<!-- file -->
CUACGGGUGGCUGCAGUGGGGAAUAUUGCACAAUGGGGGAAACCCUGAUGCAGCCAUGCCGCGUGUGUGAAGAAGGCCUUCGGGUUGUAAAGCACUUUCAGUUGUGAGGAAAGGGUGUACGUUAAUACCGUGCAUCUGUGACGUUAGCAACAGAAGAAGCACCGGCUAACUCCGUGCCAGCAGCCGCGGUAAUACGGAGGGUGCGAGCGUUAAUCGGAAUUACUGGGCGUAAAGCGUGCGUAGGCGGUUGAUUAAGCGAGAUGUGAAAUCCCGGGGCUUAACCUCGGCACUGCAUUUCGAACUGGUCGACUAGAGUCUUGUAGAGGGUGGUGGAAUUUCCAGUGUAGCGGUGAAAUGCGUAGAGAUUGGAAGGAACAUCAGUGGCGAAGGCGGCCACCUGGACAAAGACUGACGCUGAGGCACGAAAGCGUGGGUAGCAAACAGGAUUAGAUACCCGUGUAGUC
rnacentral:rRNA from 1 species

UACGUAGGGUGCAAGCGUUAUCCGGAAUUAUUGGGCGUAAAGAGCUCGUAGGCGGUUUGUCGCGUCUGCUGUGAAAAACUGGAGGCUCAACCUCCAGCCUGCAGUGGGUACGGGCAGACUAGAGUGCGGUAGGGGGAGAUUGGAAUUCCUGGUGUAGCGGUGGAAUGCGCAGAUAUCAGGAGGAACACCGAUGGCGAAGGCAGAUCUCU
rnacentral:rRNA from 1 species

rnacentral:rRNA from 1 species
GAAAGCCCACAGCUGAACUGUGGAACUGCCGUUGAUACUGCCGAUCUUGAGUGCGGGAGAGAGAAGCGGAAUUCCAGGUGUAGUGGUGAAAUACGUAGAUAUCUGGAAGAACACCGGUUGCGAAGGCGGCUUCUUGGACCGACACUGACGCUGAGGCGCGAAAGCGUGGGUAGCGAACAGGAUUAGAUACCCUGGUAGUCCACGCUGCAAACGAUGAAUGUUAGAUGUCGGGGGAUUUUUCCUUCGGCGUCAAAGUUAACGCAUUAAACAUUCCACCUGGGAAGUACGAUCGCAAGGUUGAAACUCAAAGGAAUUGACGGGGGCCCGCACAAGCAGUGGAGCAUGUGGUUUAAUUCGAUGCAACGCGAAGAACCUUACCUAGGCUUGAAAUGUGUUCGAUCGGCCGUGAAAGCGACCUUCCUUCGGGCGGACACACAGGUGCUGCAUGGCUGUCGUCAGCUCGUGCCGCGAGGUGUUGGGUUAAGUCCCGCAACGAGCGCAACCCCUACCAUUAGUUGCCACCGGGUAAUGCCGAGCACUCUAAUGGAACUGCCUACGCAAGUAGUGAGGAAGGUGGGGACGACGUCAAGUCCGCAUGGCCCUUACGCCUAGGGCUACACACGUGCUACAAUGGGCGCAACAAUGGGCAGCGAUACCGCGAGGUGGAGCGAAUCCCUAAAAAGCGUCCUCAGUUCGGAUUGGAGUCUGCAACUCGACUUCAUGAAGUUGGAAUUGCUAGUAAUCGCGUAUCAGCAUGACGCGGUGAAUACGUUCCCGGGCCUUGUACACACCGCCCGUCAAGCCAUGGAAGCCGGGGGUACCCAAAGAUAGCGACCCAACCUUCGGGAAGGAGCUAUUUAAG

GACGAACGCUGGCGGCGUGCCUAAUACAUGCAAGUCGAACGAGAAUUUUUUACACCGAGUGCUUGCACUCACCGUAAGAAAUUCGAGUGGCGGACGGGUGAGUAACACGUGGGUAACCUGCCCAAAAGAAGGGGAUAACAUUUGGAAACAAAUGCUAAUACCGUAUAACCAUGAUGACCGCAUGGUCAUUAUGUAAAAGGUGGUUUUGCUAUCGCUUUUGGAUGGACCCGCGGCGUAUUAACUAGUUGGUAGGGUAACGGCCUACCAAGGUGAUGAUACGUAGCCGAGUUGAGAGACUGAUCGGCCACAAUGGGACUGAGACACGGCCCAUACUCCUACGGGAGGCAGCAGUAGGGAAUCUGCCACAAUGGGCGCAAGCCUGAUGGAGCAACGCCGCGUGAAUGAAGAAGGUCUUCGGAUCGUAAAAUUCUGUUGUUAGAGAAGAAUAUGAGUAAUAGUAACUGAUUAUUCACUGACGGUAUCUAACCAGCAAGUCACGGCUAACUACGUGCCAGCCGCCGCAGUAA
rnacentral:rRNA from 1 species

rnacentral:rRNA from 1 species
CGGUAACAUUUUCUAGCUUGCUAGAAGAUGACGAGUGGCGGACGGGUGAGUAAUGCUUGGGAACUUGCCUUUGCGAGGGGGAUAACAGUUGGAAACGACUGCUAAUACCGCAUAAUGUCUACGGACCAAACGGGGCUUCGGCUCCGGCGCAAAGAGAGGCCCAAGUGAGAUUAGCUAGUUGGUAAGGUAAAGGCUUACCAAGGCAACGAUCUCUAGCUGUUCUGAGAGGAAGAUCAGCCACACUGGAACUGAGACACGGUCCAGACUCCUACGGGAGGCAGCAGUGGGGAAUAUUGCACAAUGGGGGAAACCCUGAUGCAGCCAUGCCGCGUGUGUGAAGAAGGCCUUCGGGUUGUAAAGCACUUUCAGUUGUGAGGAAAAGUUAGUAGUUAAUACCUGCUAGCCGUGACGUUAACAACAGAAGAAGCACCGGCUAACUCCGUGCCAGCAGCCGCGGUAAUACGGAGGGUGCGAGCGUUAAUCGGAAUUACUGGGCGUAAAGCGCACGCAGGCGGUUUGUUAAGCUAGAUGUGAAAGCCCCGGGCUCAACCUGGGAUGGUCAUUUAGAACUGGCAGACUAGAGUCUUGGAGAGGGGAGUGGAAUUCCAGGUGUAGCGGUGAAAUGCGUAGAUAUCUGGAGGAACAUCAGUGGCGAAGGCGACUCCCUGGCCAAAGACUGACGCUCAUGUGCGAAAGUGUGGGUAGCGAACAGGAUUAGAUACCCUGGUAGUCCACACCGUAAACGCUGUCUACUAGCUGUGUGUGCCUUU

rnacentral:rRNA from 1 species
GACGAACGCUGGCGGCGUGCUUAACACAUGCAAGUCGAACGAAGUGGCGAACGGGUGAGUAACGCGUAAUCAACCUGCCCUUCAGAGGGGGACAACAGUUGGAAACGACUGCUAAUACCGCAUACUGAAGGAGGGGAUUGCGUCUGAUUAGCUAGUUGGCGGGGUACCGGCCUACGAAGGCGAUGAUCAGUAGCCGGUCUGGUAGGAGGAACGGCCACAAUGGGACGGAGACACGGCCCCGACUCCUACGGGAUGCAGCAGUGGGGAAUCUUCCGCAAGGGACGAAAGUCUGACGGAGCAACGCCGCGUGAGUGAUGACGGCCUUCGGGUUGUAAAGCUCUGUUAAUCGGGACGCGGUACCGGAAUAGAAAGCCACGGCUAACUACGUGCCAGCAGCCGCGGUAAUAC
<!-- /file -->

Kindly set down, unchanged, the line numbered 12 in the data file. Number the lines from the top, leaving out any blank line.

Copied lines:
GACGAACGCUGGCGGCGUGCUUAACACAUGCAAGUCGAACGAAGUGGCGAACGGGUGAGUAACGCGUAAUCAACCUGCCCUUCAGAGGGGGACAACAGUUGGAAACGACUGCUAAUACCGCAUACUGAAGGAGGGGAUUGCGUCUGAUUAGCUAGUUGGCGGGGUACCGGCCUACGAAGGCGAUGAUCAGUAGCCGGUCUGGUAGGAGGAACGGCCACAAUGGGACGGAGACACGGCCCCGACUCCUACGGGAUGCAGCAGUGGGGAAUCUUCCGCAAGGGACGAAAGUCUGACGGAGCAACGCCGCGUGAGUGAUGACGGCCUUCGGGUUGUAAAGCUCUGUUAAUCGGGACGCGGUACCGGAAUAGAAAGCCACGGCUAACUACGUGCCAGCAGCCGCGGUAAUAC